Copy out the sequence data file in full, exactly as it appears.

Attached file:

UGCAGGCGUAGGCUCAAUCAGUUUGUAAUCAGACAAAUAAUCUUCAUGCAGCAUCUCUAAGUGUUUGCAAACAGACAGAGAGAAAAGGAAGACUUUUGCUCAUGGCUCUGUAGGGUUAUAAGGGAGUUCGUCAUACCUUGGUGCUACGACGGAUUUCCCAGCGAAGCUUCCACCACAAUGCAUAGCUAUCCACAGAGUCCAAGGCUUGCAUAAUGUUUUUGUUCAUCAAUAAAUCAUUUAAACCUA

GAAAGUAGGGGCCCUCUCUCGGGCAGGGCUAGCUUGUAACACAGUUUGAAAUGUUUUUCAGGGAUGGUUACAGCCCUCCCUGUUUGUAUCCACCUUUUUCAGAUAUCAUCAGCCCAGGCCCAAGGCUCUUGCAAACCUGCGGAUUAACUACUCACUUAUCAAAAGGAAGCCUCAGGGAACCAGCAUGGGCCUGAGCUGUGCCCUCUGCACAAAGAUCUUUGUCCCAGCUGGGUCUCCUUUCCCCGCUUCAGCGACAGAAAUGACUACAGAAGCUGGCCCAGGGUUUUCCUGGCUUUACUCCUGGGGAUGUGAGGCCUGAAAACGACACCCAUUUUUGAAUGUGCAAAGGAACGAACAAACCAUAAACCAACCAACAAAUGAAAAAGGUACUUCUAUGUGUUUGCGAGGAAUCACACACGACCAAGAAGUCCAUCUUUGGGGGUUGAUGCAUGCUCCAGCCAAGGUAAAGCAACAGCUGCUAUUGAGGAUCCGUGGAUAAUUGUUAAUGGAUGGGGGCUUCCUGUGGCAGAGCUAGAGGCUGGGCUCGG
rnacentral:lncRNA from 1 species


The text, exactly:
UGCAGGCGUAGGCUCAAUCAGUUUGUAAUCAGACAAAUAAUCUUCAUGCAGCAUCUCUAAGUGUUUGCAAACAGACAGAGAGAAAAGGAAGACUUUUGCUCAUGGCUCUGUAGGGUUAUAAGGGAGUUCGUCAUACCUUGGUGCUACGACGGAUUUCCCAGCGAAGCUUCCACCACAAUGCAUAGCUAUCCACAGAGUCCAAGGCUUGCAUAAUGUUUUUGUUCAUCAAUAAAUCAUUUAAACCUA

GAAAGUAGGGGCCCUCUCUCGGGCAGGGCUAGCUUGUAACACAGUUUGAAAUGUUUUUCAGGGAUGGUUACAGCCCUCCCUGUUUGUAUCCACCUUUUUCAGAUAUCAUCAGCCCAGGCCCAAGGCUCUUGCAAACCUGCGGAUUAACUACUCACUUAUCAAAAGGAAGCCUCAGGGAACCAGCAUGGGCCUGAGCUGUGCCCUCUGCACAAAGAUCUUUGUCCCAGCUGGGUCUCCUUUCCCCGCUUCAGCGACAGAAAUGACUACAGAAGCUGGCCCAGGGUUUUCCUGGCUUUACUCCUGGGGAUGUGAGGCCUGAAAACGACACCCAUUUUUGAAUGUGCAAAGGAACGAACAAACCAUAAACCAACCAACAAAUGAAAAAGGUACUUCUAUGUGUUUGCGAGGAAUCACACACGACCAAGAAGUCCAUCUUUGGGGGUUGAUGCAUGCUCCAGCCAAGGUAAAGCAACAGCUGCUAUUGAGGAUCCGUGGAUAAUUGUUAAUGGAUGGGGGCUUCCUGUGGCAGAGCUAGAGGCUGGGCUCGG
rnacentral:lncRNA from 1 species